Ryan’s all time hero was Nicola Tesla, and his mind drifted back to when he had discovered the ideas of the astounding inventor. His fingers mindlessly sent out searches, and he just as mindlessly browsed the results, satisfying an idle curiosity that had flitted across his mind. He remembered his fascination with Tesla, as a teenager, and being amazed at the inventor’s patents. They were far ahead of their time.
Ryan selected his favorite on-line encyclopedia, and absently scrolled down. He knew much of the information displayed, but his attention still snagged on a few facts. Tesla had at least two hundred and seventy-eight patents in twenty-six countries. Ryan began browsing the patents, and the summaries of Tesla’s public papers. His curiosity deepened. The article reported between twenty-five and thirty patents were missing, along with several papers written by Tesla. Ryan found references to papers presented, but those papers were nowhere to be found. One of the missing papers was titled, ‘The Dynamic Theory of Gravity, ‘ presented in 1928. That was about the same time Tesla filed a patent for an odd looking aircraft shaped like a saucer. Ryan’s curiosity suddenly turned into full-blown need-to-know!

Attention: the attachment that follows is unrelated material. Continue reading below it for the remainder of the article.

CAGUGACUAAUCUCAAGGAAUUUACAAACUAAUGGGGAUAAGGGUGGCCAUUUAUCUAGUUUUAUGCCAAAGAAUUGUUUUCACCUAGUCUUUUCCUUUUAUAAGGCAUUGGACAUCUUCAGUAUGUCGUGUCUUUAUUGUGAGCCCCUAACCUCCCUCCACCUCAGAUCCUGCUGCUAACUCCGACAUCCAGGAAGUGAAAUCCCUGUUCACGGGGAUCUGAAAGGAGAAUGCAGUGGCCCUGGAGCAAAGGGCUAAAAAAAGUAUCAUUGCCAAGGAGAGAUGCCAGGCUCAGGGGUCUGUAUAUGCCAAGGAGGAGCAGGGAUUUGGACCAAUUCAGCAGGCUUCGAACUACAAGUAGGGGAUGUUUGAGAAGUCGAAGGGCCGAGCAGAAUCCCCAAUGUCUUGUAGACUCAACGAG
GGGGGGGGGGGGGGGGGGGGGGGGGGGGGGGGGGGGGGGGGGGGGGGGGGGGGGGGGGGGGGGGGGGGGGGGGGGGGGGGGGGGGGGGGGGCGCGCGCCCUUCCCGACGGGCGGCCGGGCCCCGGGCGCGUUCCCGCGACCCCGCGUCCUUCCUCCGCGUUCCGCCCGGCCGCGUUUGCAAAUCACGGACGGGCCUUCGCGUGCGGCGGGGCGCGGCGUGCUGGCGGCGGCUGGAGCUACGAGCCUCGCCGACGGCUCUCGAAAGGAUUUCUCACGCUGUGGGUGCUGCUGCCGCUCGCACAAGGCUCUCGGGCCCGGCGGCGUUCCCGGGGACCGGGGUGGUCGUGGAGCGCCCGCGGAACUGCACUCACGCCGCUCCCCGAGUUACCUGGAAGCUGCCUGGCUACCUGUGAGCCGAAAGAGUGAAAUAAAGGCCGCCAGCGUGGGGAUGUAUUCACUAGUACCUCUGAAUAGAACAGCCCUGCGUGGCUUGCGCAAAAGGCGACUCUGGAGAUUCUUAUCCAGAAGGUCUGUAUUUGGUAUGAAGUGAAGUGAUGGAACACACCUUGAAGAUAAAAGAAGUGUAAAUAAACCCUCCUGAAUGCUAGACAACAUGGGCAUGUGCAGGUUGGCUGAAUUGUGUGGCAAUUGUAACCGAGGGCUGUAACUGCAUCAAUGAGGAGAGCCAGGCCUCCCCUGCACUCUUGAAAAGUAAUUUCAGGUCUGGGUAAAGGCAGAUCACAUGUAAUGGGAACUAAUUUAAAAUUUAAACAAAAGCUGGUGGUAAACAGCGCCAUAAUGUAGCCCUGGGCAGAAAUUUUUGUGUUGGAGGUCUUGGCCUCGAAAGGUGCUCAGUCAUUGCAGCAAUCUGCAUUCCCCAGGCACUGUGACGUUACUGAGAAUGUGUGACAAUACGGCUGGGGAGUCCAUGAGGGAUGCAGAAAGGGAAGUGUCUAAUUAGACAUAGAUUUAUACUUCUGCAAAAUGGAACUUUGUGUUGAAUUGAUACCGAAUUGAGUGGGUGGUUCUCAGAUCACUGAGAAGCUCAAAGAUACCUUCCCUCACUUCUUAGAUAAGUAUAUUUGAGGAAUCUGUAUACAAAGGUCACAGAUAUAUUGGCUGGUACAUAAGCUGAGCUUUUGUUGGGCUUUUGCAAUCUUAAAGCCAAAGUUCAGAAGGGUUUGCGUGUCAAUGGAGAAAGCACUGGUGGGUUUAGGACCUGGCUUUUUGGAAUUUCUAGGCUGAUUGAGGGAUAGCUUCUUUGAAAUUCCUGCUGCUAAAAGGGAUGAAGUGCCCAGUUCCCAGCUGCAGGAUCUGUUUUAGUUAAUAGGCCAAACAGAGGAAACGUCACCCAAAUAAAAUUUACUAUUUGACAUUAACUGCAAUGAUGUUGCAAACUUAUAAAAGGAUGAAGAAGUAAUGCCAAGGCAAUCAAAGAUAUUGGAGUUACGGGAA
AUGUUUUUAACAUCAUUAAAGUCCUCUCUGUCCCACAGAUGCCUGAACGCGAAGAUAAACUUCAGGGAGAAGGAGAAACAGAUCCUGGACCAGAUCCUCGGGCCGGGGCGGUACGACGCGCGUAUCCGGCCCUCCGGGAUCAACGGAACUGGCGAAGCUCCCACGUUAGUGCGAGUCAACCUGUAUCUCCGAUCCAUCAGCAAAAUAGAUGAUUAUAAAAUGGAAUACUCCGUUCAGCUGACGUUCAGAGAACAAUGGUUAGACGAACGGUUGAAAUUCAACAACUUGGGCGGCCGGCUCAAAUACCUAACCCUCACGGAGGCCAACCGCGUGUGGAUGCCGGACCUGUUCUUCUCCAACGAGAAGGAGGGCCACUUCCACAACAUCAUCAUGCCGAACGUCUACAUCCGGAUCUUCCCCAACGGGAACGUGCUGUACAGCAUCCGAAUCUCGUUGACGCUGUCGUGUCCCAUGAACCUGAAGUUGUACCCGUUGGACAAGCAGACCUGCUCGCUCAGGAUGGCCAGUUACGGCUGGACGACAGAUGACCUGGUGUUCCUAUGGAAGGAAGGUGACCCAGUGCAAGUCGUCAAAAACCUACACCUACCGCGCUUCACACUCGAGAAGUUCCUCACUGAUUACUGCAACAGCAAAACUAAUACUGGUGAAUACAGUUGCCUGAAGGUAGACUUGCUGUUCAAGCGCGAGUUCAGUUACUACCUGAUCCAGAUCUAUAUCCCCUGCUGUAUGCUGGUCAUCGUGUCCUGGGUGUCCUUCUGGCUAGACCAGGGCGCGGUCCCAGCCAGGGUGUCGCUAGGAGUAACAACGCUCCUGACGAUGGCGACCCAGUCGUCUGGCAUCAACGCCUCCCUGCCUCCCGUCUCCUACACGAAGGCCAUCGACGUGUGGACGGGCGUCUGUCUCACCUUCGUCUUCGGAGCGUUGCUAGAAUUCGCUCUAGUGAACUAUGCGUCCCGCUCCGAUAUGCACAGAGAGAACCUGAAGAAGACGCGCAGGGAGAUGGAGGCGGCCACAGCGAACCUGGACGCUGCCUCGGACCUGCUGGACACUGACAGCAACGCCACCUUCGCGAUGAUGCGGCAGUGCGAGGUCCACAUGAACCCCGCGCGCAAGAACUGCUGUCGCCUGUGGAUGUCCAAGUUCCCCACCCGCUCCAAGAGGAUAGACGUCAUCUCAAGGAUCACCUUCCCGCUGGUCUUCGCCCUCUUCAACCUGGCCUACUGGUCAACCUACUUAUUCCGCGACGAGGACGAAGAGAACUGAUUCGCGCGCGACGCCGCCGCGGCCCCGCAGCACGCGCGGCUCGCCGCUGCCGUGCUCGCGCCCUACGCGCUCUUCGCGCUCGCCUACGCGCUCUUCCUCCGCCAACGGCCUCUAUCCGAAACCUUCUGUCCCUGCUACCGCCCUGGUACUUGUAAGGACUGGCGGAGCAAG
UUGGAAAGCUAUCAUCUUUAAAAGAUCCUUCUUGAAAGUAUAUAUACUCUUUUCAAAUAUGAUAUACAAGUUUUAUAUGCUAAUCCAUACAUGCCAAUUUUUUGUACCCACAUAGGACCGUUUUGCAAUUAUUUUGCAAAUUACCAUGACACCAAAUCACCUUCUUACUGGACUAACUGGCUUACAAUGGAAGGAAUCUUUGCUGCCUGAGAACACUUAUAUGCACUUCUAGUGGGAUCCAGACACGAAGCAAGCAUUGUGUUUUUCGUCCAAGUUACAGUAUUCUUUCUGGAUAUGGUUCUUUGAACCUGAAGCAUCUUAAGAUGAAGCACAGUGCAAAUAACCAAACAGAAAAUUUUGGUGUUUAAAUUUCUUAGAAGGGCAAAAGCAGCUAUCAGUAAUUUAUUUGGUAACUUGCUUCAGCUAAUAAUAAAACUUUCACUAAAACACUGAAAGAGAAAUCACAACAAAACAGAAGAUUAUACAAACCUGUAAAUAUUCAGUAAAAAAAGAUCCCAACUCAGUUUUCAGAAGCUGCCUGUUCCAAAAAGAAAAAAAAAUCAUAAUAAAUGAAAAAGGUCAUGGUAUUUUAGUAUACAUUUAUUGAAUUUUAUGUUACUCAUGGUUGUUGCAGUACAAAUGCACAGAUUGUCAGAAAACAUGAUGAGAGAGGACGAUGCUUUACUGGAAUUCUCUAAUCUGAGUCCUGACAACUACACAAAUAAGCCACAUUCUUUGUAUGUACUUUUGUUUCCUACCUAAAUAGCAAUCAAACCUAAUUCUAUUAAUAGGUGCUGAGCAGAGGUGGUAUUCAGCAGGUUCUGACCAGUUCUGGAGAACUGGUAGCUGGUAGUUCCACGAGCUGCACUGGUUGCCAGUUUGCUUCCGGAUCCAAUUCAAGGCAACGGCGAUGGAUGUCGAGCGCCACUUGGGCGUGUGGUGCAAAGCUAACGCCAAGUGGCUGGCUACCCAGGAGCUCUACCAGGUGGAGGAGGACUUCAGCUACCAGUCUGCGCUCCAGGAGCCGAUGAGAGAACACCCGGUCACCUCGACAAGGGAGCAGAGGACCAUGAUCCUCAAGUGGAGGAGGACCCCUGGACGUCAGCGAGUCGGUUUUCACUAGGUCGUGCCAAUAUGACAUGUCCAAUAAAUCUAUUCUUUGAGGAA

Ryan discovered why the patents were missing after he sent an inquiry to the Library of Congress. Many of Tesla’s patents and papers were still classified Top Secret, and were being stored in government archives for reasons of national security. A brief word from the President, and all of Tesla’s works were made available to Al, via Caleb.